In March 1970, Pastor Bitsch-Larsen returned to Ely, to formally open the new UDC housing at Ribe Court, and in June of the following year, both the Chairman and immediate past Chairman of the Council were invited to Ribe to attend the opening of the new Vittenberg School. In 1973, the cathedral connection was maintained by the visit of the Bishop of Ribe, to participate in a special service in Ely Cathedral to mark the 13th Centenary of the city.

Cllr Theobold plants the oak tree, 1974

October 1974 saw a new departure, with the Ely Standard newspaper organising a short trip to Ribe by coach and ferry for the princely sum of £10, which gave a number of Ely residents their first chance to travel to Denmark. One of them was local schoolgirl Belinda Lane, who was travelling with her grandfather, the Mayor of Ely, Councillor Sidney Theobald. Some weeks before, Belinda had thrown a bottle into the sea at Snettisham in Norfolk, containing a message from her school in Ely. Little did Belinda know that the bottle was finally washed ashore in Esbjerg and found by schoolboy Torben Schlander from Hjerting. He and his classmates were there to meet the Ely visitors at the quayside, and there began a friendship that was to continue through letters and exchange visits.

During the same visit, the Mayor of Ely planted an oak sapling in a Ribe garden. He went on to say:

"As this oak tree grows, so I hope will the friendship between our two cities increase. And it is my hope that our children and our children's children will come to see this tree as it grows into a hearty English oak."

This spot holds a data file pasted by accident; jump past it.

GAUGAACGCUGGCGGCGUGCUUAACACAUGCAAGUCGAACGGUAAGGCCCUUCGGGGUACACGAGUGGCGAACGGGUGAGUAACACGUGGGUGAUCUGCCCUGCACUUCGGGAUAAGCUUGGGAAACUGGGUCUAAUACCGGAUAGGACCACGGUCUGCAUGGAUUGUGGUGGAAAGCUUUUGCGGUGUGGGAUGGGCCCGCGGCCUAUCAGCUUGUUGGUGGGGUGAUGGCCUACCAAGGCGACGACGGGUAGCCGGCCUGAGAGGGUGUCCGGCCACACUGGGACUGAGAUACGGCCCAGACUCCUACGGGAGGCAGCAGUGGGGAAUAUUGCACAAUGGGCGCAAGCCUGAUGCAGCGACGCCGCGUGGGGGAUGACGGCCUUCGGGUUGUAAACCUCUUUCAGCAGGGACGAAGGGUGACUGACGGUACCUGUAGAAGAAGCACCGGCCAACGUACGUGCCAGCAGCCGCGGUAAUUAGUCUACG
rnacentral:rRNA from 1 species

From these small beginnings grew an increasing number of connections between our two towns. Whilst there are too many to mention in detail, what follows gives some idea of the variety of connections that has developed.

In the mid-1970s, there was a two-week exchange between two groups of young apprentices, in which they sampled life and work in their twin town. Kevan Lee, a trainee manager with Tesco in Ely, was one of the four young men to visit Ribe, where he spent some time working in the Kvickly store.

Trainee electrical engineer Flemming Fogtmann worked for Electrical Services Ely and was able to put his excellent English to good use whilst developing his technical knowledge. Both students and employers alike described the exchange as a very worthwhile exercise.

In 1977, Ely was represented in a sports festival held in Ribe.

1978 saw the Dean of Ely, the Very Rev Michael Carey and Colonel John Beckett visit Ribe for the 750th anniversary celebrations of the Sct Catharinæ church, at which the Dean had the honour of being presented to Queen Margrethe of Denmark. They spoke together about her recollections of Ely during her period of study at Girton College, Cambridge. The Dean made a brief address in the service, and he gave a message from the Dean and Chapter of Ely Cathedral. Colonel Beckett conveyed a message of congratulation from the Mayor of Ely to the vicar of Sct Catharinæ, Pastor Bitsch-Larsen.

In the 1980's, contacts were maintained at various levels, with Mayor and Mayoress of Ely Councillor Maurice and Mrs Joyce Hobbs welcoming guests from Ribe in May 1981. They viewed the Hospital Sunday Parade and took part in the service outside St Mary's Church. The following year, Ely Mayor Councillor Florence Oakey led a party of Ely people on a visit to Ribe, to commemorate 25 years since the first official visit in 1957. In 1984, a party of students and teachers from the Vittenberg School spent time at the City of Ely College, and in May 1989 the Ribe Men's Choir gave performances in Ely.